3. I wholeheartedly agree. I had the privilege of mentoring several African American children and will always love them. All children whatever their color or ethnic origin must be taught right from wrong. We do them a disservice if we compromise our ethics on the basis of race.

    • I so agree Anna— I taught in a city school system for 31 years— I had a wide range of ethnicities as far as my students went— at first it was a blend of black and white but over time we grew in numbers with Hispanics as well as Muslims and Indians— yet I considered each “my kids”—-
      However the sensitivity workshops for teachers began years before I was near retirement. We were told we had misconceptions, hidden prejudices and that we must look at our black kids through new and improved lenses as the lenses we had simply seen through for all our live, looking at all our kids, were now very wrong—

      We could not fail kids but rather offer alternative assignments or tests until everyone could pass— in leveling the playing fields, as the experts now demanded, we did no one any favors despite numbers rising in all ethnic areas in improved scores— but were they really improved ?

      Teachers could no longer really punish poor behavior as office referrals were monitored and if a teacher had too many, then that teacher was called in for ‘training’— teachers were always at fault during conferences and principals rarely sided with the educator as law suits were the fear of every administration—-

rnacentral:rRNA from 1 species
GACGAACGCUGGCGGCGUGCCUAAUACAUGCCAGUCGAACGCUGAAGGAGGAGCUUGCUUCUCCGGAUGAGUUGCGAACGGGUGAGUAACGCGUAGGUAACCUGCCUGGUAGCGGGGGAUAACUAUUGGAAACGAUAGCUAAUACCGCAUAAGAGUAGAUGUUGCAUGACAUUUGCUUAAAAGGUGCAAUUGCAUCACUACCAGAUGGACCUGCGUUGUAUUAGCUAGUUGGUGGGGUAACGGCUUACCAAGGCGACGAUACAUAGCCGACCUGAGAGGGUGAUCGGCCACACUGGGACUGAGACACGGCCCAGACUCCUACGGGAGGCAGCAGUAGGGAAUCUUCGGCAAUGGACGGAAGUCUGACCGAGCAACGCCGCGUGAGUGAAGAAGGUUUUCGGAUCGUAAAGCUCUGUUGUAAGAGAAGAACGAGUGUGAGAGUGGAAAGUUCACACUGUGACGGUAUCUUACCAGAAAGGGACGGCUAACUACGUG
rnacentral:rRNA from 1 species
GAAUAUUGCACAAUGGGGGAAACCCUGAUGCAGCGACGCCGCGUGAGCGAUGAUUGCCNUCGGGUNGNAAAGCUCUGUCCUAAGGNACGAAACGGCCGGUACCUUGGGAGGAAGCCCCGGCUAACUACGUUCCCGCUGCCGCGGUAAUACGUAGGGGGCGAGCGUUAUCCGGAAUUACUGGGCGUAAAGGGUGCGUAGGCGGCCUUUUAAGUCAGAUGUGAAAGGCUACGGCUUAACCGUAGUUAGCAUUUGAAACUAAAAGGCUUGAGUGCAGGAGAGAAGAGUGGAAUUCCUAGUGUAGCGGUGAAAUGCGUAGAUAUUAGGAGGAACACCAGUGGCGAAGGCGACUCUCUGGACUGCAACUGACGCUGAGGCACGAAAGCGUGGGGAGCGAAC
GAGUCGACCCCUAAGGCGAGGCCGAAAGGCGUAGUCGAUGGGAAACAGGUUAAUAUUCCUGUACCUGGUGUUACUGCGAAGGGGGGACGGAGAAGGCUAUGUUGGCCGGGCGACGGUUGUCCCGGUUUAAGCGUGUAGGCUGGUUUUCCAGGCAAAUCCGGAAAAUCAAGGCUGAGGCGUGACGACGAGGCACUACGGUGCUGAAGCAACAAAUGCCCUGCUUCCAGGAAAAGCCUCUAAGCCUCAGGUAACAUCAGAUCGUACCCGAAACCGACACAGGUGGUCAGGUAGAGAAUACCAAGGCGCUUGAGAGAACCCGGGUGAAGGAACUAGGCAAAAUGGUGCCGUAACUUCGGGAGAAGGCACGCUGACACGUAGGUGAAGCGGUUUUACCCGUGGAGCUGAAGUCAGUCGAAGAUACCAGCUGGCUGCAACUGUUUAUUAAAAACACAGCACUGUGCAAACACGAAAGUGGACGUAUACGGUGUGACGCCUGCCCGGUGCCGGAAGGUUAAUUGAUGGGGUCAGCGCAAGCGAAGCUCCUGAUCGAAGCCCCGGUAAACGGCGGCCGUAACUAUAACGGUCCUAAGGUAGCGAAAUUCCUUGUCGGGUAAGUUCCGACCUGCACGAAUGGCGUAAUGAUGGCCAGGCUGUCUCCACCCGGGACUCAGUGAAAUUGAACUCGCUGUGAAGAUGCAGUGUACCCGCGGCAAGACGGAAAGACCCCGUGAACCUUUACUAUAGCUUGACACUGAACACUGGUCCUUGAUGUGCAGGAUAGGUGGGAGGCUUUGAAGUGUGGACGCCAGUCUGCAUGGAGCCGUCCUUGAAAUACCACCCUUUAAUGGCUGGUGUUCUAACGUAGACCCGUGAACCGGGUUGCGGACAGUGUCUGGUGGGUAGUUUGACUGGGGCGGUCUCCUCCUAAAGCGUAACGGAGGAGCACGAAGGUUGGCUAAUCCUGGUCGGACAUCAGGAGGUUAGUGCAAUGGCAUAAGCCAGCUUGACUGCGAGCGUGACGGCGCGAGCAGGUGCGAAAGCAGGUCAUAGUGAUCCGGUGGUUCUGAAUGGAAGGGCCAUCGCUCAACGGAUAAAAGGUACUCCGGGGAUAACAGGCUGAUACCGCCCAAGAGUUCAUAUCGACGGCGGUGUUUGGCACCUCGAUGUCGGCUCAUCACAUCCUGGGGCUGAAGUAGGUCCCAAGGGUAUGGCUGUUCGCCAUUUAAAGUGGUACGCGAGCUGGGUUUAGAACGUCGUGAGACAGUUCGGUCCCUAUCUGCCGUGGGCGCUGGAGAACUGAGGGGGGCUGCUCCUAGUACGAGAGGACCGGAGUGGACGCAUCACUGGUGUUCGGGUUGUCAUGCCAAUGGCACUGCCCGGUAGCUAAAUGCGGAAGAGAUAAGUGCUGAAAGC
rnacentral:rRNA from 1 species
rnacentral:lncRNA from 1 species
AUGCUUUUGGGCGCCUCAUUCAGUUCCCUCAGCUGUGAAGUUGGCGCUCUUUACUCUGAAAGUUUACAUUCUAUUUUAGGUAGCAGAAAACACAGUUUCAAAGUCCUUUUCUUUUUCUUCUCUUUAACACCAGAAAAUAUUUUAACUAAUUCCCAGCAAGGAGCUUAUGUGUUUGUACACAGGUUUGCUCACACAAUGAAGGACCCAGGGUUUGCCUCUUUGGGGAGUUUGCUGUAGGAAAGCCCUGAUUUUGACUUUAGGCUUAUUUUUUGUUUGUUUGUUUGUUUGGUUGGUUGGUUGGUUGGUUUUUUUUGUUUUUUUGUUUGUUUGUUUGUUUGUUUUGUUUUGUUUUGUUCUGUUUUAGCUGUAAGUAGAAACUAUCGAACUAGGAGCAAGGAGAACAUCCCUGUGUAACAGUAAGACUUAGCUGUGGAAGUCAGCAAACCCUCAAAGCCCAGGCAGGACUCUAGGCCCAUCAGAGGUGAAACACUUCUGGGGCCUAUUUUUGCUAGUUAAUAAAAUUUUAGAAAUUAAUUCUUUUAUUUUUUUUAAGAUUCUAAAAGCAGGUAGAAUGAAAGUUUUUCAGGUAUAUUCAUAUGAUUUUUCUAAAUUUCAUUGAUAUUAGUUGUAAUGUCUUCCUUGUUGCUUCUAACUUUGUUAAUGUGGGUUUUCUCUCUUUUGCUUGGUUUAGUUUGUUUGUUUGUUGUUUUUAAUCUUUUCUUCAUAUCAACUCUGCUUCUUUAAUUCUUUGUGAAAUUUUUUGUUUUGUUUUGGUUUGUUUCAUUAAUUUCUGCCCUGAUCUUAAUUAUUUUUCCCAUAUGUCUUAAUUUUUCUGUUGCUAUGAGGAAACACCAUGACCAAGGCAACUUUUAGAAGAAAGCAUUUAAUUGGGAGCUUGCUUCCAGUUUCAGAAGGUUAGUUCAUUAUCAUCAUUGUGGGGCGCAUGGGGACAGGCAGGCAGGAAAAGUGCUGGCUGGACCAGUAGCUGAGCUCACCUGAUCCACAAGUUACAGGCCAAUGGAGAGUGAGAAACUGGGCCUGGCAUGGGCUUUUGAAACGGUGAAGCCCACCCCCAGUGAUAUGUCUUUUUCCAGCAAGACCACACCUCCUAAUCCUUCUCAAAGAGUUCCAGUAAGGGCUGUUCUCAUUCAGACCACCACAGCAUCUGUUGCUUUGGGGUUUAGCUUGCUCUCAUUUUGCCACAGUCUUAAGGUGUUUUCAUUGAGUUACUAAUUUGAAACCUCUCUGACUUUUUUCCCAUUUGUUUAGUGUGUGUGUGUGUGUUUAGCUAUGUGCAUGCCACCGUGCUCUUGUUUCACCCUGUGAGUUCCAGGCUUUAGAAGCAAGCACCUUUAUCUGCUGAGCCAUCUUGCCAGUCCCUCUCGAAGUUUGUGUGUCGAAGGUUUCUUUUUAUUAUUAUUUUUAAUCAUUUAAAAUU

I retired 7 years ago— at the time I had real mixed emotions but I now know it was best because teaching is no longer what I recognize — I no longer recognize the kids as learners —- in the rush to “fix” the country’s school systems, we have done irreparable harm to all involved— now throw in the transgender issues within a school — what with sorting out who can or can’t play on a traditional male and or female team, who can or can’t go into a certain designated bathroom or locker room and we lost long before we started 😞

  4. oneta hayes says: